Psychobiology is the study of the interrelationships of biology and psychology in cognitive functioning, including intellectual, memory, and related neurocognitive processes. For example, a person has rounded shoulders to guard their heart or a person has a tucked tailbone to protect their pelvis from past trauma.
While receiving the Rolfing Structural Integration 10-Series, new patterns of movement and posture will emerge in each client. New ways of holding oneself and new ways of moving and being in the world can be challenging for a person to integrate into their daily life. I will show you a psychobiological inquiry of moving between your new pattern and old pattern. We will identify, compare, bridge, and anchor so we can get to know and identify our new pattern of structure and function.
First, we will identify your new pattern. Notice how you feel in the new pattern. Embody it, describe it. In what ways does this new pattern benefit you?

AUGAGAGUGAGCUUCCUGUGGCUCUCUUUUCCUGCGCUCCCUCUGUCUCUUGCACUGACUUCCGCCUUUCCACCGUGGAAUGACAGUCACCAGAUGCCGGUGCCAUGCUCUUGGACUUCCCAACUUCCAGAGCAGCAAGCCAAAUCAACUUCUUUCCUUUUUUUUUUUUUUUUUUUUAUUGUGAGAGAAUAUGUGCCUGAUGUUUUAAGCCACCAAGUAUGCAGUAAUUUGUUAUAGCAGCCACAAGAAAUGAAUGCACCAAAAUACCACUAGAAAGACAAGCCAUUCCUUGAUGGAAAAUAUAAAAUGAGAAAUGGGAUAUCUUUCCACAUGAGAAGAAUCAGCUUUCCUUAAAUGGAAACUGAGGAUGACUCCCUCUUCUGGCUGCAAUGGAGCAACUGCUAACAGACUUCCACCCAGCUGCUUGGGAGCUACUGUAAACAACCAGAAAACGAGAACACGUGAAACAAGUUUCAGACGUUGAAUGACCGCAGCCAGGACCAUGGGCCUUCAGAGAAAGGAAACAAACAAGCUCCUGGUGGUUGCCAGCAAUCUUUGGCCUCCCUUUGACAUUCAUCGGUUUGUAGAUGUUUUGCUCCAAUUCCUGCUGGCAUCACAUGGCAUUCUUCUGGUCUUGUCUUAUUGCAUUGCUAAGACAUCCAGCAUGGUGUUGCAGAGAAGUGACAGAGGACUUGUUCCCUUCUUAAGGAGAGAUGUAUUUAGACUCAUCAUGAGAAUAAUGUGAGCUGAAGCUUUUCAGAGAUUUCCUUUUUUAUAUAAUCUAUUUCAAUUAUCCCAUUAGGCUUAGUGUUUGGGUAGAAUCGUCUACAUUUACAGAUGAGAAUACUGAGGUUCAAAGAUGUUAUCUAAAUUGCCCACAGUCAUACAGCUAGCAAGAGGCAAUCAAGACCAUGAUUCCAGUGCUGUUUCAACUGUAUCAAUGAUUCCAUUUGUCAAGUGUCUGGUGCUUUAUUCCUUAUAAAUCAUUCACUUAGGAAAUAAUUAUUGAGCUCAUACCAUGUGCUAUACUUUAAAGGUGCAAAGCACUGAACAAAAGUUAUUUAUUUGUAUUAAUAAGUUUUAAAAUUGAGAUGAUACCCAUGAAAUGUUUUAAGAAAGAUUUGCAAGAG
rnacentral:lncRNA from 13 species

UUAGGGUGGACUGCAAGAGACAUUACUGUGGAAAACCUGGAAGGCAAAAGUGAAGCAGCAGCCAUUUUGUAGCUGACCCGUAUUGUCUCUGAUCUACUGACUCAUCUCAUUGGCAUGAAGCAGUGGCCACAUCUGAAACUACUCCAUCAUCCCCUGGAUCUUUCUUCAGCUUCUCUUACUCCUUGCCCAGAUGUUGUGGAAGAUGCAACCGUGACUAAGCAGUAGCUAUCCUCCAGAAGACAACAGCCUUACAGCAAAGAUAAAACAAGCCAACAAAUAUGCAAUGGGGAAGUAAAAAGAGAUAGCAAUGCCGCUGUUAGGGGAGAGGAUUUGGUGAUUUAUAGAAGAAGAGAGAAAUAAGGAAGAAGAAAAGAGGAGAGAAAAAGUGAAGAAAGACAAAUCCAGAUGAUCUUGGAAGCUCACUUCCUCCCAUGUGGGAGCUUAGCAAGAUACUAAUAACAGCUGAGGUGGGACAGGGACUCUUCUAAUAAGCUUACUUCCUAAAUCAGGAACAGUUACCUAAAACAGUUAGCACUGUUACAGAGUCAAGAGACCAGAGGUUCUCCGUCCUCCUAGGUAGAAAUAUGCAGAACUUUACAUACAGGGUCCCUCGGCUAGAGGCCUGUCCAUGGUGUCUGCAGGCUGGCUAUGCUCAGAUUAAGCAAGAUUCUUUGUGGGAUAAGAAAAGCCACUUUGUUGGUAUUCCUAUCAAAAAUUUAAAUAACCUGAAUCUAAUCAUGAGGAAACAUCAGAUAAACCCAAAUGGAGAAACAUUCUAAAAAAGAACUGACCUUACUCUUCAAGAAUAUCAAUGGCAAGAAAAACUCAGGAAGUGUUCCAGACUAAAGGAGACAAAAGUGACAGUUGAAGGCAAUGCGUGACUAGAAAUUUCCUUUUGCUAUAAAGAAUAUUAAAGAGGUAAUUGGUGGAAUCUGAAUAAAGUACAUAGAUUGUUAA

Second, we will identify your old pattern. Shift from your new pattern back into your old pattern. What is the first thing you need to do or think about or lose in order to go back into the old pattern? Describe this old pattern. Exaggerate it.
Next, what is gained by being in your old pattern. Perhaps it produces a sense of safety, of being able to hide oneself from others. Try not to be judgmental about yourself. Recognize that your old pattern is not bad or wrong and that there are times when this old pattern can serve you. Know that it is alright to return here.
Now, what needs to happen in order for you to move back into the new pattern/posture? Find the new pattern. What needs to happen for you to shift into the new pattern. List the benefits of the new pattern. Anchor this new pattern by getting familiar with it and by appreciating what it can offer you. Next, walk with this new pattern and gain deeper familiarity with it.
To further this exercise, you can imagine yourself in a difficult situation that brings you back into your old pattern. Practice shifting into your new pattern by using a word or image to resource yourself. Keep practicing this exercise to build confidence to maintain your new pattern.